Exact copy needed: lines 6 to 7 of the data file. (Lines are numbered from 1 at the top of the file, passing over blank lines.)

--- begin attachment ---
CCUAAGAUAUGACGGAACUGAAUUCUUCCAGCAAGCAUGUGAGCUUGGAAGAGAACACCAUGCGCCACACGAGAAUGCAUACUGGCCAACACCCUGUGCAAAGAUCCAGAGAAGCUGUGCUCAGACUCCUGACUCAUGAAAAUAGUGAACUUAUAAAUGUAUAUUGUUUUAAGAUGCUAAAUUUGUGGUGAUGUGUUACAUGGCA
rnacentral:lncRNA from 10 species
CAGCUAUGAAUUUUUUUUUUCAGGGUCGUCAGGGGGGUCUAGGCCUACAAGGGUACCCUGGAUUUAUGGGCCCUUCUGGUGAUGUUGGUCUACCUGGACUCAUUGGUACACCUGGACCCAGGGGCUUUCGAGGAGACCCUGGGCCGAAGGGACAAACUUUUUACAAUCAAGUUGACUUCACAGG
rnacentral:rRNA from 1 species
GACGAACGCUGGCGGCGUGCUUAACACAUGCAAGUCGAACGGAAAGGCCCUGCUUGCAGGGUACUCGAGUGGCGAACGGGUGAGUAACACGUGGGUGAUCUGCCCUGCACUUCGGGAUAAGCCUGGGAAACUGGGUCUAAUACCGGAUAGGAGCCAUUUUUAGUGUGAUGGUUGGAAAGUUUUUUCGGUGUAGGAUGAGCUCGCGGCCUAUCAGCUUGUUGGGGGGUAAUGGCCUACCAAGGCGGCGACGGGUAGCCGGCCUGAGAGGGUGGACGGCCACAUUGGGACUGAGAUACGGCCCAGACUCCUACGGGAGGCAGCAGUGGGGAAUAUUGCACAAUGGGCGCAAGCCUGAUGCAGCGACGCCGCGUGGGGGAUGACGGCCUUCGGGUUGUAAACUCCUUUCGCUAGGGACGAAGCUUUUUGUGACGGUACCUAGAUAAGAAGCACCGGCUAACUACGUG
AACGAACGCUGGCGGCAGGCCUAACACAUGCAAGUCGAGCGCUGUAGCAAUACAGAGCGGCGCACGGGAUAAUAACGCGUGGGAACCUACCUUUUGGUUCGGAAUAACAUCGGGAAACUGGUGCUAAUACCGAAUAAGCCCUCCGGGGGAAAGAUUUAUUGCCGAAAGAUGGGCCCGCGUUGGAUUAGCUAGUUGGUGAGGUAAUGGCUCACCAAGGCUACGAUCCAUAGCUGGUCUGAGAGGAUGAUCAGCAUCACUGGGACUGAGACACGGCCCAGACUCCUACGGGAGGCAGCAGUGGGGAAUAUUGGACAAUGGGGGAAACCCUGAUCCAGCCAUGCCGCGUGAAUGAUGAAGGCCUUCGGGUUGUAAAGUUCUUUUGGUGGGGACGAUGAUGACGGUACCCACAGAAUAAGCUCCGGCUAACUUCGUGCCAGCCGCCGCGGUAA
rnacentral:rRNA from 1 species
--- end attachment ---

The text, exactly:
AACGAACGCUGGCGGCAGGCCUAACACAUGCAAGUCGAGCGCUGUAGCAAUACAGAGCGGCGCACGGGAUAAUAACGCGUGGGAACCUACCUUUUGGUUCGGAAUAACAUCGGGAAACUGGUGCUAAUACCGAAUAAGCCCUCCGGGGGAAAGAUUUAUUGCCGAAAGAUGGGCCCGCGUUGGAUUAGCUAGUUGGUGAGGUAAUGGCUCACCAAGGCUACGAUCCAUAGCUGGUCUGAGAGGAUGAUCAGCAUCACUGGGACUGAGACACGGCCCAGACUCCUACGGGAGGCAGCAGUGGGGAAUAUUGGACAAUGGGGGAAACCCUGAUCCAGCCAUGCCGCGUGAAUGAUGAAGGCCUUCGGGUUGUAAAGUUCUUUUGGUGGGGACGAUGAUGACGGUACCCACAGAAUAAGCUCCGGCUAACUUCGUGCCAGCCGCCGCGGUAA
rnacentral:rRNA from 1 species